War can be seen as both a scourge of mankind and a central institution of global politics. Despite the terrible suffering and loss of life which wars cause they also can be seen as performing important functions for the ordering and maintenance of international society. War has been used to maintain the balance of power. That is, to prevent one state or a group of states from disrupting the status quo, through the use of violence. .
Without effective means of a peaceful settlement of disputes, war has provided a mechanism through which states can implement a rule of law in their favour or redress unjust practices. In the absence of an international police force, states have reserved a monopoly on the use of force in order to preserve and maintain their interests. This double perspective (the horrors of war and its social role in global politics) haunts us today in a world where the possibility of nuclear war threatens to spell the end of civilisation. The United States and its allies may possible attack Iraq any minute from now, The prospect of peace in the Middle East is in its lowest ebb ever, India and Pakistan are threatening each other. We live then with the ever-present reality of war and the fear of total annihilation. .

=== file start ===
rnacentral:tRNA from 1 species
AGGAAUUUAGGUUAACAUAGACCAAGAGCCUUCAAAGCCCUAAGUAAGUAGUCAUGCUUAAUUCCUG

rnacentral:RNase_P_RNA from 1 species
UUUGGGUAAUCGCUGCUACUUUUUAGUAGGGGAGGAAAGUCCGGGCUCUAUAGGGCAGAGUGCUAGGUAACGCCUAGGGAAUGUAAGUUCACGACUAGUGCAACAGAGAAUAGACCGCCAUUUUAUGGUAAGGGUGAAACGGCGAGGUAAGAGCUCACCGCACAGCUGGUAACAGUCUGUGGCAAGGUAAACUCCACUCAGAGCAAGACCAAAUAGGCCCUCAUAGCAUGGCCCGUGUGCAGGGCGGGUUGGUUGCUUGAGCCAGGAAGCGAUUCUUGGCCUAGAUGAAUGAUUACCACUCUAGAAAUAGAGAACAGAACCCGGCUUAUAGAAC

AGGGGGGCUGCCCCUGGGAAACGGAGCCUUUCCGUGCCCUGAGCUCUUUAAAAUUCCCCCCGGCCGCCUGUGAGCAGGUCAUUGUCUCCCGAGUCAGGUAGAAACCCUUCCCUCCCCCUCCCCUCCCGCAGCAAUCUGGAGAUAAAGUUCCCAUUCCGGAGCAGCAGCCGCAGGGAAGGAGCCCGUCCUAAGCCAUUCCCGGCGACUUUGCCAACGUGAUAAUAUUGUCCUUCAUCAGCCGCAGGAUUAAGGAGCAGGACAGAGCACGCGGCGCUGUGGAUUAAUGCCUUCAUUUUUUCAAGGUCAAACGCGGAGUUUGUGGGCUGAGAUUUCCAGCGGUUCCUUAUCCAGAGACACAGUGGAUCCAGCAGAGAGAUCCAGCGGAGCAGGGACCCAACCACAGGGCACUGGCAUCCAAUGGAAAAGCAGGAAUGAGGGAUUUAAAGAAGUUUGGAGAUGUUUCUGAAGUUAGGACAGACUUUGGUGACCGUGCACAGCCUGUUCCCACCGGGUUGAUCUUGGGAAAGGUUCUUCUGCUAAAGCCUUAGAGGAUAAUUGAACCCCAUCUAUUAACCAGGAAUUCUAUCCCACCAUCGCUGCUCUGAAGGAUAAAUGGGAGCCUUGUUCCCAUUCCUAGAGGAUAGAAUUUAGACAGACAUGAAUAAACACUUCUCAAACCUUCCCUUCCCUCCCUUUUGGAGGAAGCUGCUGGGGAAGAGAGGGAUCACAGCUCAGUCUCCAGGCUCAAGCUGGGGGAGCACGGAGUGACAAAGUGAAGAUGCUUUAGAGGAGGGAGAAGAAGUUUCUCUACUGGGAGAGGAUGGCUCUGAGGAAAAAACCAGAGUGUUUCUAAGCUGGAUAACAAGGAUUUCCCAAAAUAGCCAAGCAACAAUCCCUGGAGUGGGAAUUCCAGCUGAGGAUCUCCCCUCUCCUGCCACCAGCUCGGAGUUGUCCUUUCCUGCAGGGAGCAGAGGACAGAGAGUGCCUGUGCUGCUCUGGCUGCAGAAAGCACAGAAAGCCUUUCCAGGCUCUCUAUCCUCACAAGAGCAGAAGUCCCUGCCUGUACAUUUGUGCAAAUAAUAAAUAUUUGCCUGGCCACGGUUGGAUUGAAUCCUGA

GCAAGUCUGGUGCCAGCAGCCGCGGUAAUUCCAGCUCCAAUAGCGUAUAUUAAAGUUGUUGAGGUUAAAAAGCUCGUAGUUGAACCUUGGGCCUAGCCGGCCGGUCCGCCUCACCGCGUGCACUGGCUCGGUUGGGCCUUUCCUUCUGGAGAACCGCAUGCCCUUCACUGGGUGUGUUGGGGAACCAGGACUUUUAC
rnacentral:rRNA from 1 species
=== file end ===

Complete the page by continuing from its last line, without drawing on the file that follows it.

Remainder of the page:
Developments in industrialisation, military technology and mass society have changed the face of modern warfare. The twentieth century has witnessed wars of appalling destructiveness, global warfare and innumerable local wars. The advent of total war, that is, war against entire populations for unlimited stakes made war at best a dangerous instrument of state policy. The development of nuclear weapons has made war (especially conducted between nuclear states) an irrational device for the peaceful solution of disputes. .
As a student of International Relations I don't want to conclude however that because war is dysfunctional it will not occur. To do so would be to assume that war is always a rational act or always arises from rational decision-making.